Effects of Resistance Training Cessation on Cycling Performance in Well-Trained Cyclists: An Exploratory Study

Rúni Bláfoss*, Jonas Rikardo, Asger Ø. Andersen, Lars G. Hvid, Lars L. Andersen, Kurt Jensen, Peter M. Christensen, Thue Kvorning, Per Aagaard

*Corresponding author for this work

Research output: Contribution to journalJournal articleResearchpeer-review


Bláfoss, R, Rikardo, J, Andersen, AØ, Hvid, LG, Andersen, LL, Jensen, K, Christensen, PM, Kvorning, T, and Aagaard, P. Effects of resistance training cessation on cycling performance in well-trained cyclists: an exploratory study. J Strength Cond Res 36(3): 796-804, 2022 - Supplementary (i.e., concurrent) resistance training can enhance cycling performance among competitive cyclists. However, a lack of knowledge exists about the retention (decay profile) in mechanical muscle function and cycling performance after concurrent resistance and endurance training. The present exploratory intervention study investigated the effect of 6 weeks of resistance training cessation when preceded by 8 weeks of concurrent resistance and endurance training on mechanical muscle function and cycling performance in 9 male well-trained competitive cyclists (Vo2max = 66 ± 7 ml·min-1·kg-1). Cyclists performed periodized resistance training targeting leg and core muscles for 8 weeks as a supplement to their normal endurance (cycling) training. This was followed by 6 weeks of endurance training only (retention period) leading up to the start of the competitive season. Maximal leg extensor power, isometric leg extensor strength (maximal voluntary contraction [MVC]), rate of force development (RFD), and long-term cycling performance (2-hour submaximal cycling at 55% of Wmax), followed by 5-minute max cycling were evaluated. After 8 weeks of concurrent resistance and endurance training, leg extensor power, MVC, and RFD increased by 12, 15, and 17%, respectively while mean power output (W) during 5-minute max cycling increased by 7% (p < 0.05). Training-induced gains in MVC and 5-minute max cycling power were retained after 6-week cessation of resistance training (p < 0.05). These findings indicate that competitive cyclists can focus on cycling training alone for at least 6 weeks leading up to competition without losing attained gains in maximal muscle strength and cycling performance achieved by preceding periods of concurrent resistance training.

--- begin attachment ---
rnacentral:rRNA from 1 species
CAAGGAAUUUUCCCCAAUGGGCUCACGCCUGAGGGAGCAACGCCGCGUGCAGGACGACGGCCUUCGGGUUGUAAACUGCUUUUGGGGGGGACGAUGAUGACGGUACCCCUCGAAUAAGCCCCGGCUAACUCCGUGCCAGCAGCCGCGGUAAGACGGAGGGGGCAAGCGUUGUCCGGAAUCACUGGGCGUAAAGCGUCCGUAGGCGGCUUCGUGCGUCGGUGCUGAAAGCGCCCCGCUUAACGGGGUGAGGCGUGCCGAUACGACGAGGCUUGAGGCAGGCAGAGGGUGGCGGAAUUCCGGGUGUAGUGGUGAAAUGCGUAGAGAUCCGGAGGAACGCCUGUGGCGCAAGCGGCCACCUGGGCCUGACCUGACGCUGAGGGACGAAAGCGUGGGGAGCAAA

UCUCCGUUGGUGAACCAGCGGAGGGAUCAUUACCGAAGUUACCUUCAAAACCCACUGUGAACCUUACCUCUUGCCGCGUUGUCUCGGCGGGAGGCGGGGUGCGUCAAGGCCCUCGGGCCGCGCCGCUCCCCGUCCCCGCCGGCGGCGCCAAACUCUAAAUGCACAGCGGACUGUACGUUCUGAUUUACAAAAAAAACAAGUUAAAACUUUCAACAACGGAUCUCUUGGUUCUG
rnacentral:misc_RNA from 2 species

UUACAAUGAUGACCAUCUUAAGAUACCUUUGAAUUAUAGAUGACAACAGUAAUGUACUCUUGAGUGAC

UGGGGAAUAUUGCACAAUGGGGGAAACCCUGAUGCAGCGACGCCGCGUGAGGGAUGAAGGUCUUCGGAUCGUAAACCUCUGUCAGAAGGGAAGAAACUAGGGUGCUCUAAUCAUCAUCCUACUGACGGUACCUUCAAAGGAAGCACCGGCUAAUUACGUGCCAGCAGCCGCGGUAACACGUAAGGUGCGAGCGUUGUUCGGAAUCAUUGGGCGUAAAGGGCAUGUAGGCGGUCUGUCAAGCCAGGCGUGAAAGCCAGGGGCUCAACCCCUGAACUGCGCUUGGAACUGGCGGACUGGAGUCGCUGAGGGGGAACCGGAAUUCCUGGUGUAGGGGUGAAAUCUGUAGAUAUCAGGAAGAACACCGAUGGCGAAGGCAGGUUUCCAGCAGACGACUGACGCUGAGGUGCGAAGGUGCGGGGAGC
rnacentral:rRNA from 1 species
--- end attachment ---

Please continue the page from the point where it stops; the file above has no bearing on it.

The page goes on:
Original languageEnglish
JournalJournal of Strength and Conditioning Research
Issue number3
Pages (from-to)796-804
Publication statusPublished - Mar 2022

Bibliographical note

Publisher Copyright:
© 2022 NSCA National Strength and Conditioning Association. All rights reserved.


  • athletic performance
  • competitive cycling
  • concurrent training
  • detraining
  • strength training
  • Humans
  • Muscle Strength/physiology
  • Bicycling/physiology
  • Male
  • Physical Endurance/physiology
  • Resistance Training
  • Oxygen Consumption/physiology
  • Athletic Performance/physiology


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